The Progress Singapore Party (PSP) has raised concerns about a requirement to submit scripts ahead of televised political broadcasts.
Organising secretary for the PSP and election candidate for the PSP in Tanjong Pagar Group Representative Constituency (GRC), Michael Chua, has said that the PSP finds it “disturbing” to have to submit its speeches 48 hours in advance and is worried that speech contents might be leaked ahead of the broadcasts.
In response to PSP’s concerns, the Elections Department (ELD) has said that this is standard practice and has been so since 1980.
However, just because something is “standard” does not mean that it is right. 1980 is after all 40 years ago. Is it not time to revamp practices and make things more up to date? Besides, something that may have been “standard” in the past, does not mean that is should be “standard” now. In the 1950s, it was “standard” to defer to the British colonial masters. It is however not “standard” now. Standards change and for the ELD to fall back on such a lackadaisical explanation is an absolute cop out!
Unless of course, it is a sign that the Government under the guidance of the People’s Action Party (PAP) is still relying on standards set 40 years ago and is unable to innovate?
Secondly, we are currently not in “standard” times anyway! We are in the middle of the coronavirus pandemic where it is absolutely not “standard” to have a General Election. There are still active cases within the community and the ELD has issued a whole raft of regulations on how to campaign and vote safely. Yet, the Government deemed it appropriate to break from “standard” and force a General Election on the people anyway.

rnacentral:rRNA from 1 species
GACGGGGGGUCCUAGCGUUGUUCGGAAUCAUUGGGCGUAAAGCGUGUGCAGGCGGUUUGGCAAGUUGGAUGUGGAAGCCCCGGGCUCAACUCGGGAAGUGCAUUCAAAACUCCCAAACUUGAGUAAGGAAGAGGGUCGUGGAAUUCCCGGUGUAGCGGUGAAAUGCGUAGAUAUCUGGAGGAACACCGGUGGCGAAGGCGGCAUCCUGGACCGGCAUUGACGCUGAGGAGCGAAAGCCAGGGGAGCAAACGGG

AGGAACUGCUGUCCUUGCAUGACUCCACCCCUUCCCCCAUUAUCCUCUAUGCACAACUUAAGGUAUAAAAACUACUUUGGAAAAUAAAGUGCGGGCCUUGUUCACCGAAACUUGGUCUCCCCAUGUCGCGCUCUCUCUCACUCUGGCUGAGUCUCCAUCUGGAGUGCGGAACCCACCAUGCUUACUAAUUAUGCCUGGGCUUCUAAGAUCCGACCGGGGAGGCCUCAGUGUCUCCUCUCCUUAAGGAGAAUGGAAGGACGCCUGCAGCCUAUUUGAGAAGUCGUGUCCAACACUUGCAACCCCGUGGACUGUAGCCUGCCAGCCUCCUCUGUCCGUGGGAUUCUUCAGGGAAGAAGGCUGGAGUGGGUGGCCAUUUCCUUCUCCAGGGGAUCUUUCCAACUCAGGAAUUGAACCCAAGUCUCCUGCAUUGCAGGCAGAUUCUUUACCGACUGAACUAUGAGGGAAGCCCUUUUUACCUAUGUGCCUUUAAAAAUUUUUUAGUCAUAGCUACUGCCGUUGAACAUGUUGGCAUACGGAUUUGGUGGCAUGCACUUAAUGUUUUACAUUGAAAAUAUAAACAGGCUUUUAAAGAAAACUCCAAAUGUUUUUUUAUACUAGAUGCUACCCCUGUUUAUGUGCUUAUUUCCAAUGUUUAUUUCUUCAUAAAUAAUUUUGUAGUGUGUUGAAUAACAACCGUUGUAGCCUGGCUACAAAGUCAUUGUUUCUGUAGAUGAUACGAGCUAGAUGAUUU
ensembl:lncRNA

So, if the Government is able to set new “standards”, why is the ELD sticking to “standards” in a non “standard” time? Is it a case of “standards” needing to remain static when it suits them and needing to change also when it suits them?
And if so, is this fair? Some netizens are so outraged by this, that they have started a petition to demand an end to this requirement.
The ELD may have attempted to justify its requirements by saying that it needed to ensure that the contents do not contain libellous statements or statements that may cause racial or religious tensions.
This is completely illogical. Why would candidates hoping to win votes want to stir controversy by making comments that could cause racial or religious tension? As for libel, what does that even mean? Does it mean statements that the PAP do not like? Does this sound like an attempt to prevent racial or religious tension or an attempt to control the narrative?
Looking at how Teo Chee Hean had allegedly approached by stander to ask him not to “screw things up” for the PAP, could it be that the PAP is trying desperately to control and stage manage the narrative?
We are having a General Election at a time where nothing is normal. This is the choice of the PAP. Not the alternative parties. Many members of the alternative parties had in fact asked for the elections to be postponed. Alternative party candidates do not normally have the opportunity to make televised speeches. They are only given this opportunity because live rallies have been cancelled as a result of the pandemic.
So, how can the practice of providing scripts in advance be standard practice?